Tight Glycemic Control – The Debate Continues
When it comes to the “correct” glycemic control it seems as though everyone has an opinion as to exactly what that means. Recently there has been a great deal of debate as to whether there is a benefit to practicing tight glycemic control in a hospital setting. While this debate rages on there are some undisputable facts. First, the Portland Protocol is being adopted by a greater number of hospitals. Second, continuous glucose monitoring is an essential tool in the hospital and is the answer and not the problem with tight glycemic control.
There are two reasons Diabetic Investor brings this to your attention today. In the upcoming issue of JAMA (The Journal of the American Medical Association) there are two letters that address the controversy of tight glycemic control for critically ill patients; plus tomorrow at 4:30 pm EST Dexcom (NASDAQ:DXCM) will conduct their first quarter conference call.
Looking over the two letters in JAMA one line stood out among all others; “Since then, our study and others2 have provided additional evidence suggesting that normalization of blood glucose levels should not be a target, at least with tools available at the bedside.” This comment came from Djillali Annane, MD University of Versailles SQY Garches, France and Julie Lejeune, PharmD; Sylvie Chevret, MD
Hôpital Saint Louis, AP-HP Paris, France . (Diabetic Investor added highlighting, bold and underlining.) And just what are the tools available; in the majority of hospitals it’s a conventional finger stick glucose monitor, a monitor which is used by an ICU nurse who performs a test every hour on the hour. And as we learned from the recent FDA meeting on glucose monitor accuracy there are a host of factors which can lead to an inaccurate test result and drug interactions are only part of the problem. As many noted during this meeting human error is just as much a problem as GPH-PQQ.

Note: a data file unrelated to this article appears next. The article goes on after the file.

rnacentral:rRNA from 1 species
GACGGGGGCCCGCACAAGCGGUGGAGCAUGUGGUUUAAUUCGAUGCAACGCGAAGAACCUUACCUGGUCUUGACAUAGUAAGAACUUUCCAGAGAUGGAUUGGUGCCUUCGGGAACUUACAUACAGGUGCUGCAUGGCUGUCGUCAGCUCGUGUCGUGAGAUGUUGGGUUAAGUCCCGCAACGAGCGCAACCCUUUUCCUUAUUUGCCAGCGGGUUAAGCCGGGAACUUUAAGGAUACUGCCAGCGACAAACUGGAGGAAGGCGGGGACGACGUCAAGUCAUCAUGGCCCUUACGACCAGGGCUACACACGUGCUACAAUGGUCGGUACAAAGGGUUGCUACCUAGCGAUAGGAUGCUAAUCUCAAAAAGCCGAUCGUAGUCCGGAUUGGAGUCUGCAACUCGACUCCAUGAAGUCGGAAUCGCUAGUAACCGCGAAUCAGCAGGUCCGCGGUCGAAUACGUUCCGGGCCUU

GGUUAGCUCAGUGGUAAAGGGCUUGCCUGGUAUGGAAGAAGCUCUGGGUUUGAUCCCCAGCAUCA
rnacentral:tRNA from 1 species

The reality here is that CGM is not just a tool to measure glucose but an invaluable time saving, productivity enhancement tool. Anyone who has been in an ICU unit understands that ICU nurses are just a moment away from chaos. They should also understand the simple notion that the more frequently you give someone a chance to make a mistake the greater the probability a mistake will be made. Although it may not seem like administering a glucose test is all that complicated it amazing who often what is supposed to be a simple test gets screwed up.
The fact is CGM is critical in an ICU setting as it can preempt both hyperglycemia and hypoglycemia. The problem isn’t whether CGM fits within the hospital setting, it does. The real problem is physicians have yet to figure out just what “tight control” means and how to achieve tight control safely.
While this year’s AACE meeting was less than spectacular one point stood out above the rest in that diabetes is not a one size fits all disease and what’s good for one patient is not necessarily good for another. As the DCCT study and corresponding follow-up proved there are numerous benefits to lower glucose levels. However, other comprehensive studies have called into question the benefits of tighter control. The real question isn’t whether lower glucose levels are beneficial, they are. The issue is should we have a one size fits all standard for every situation, including patients in ICU and the answer is a resounding no.
As this debate rages on, which it surly will, and more data becomes available Diabetic Investor believes physicians will develop the correct range for patients in the ICU just as they do with everyday patients who are on insulin therapy. The fact is no two patients are exactly alike and while both may be on insulin therapy it does not mean both follow the exact same insulin regimen to reach the exact same glucose target. Given the problems with both hyper and hypoglycemia and the demands on an ICU nurse, CGM can be a life saving tool in the hospital setting. The fact is physicians need more and not less information to make informed decisions regarding patient care and CGM delivers this information.
We can debate all we want about the pros and cons of tight glycemic control in a hospital setting. However there is no debate that CGM will play a pivotal role in the hospital in the future. And when it comes to CGM systems and hospitals Dexcom is taking the lead.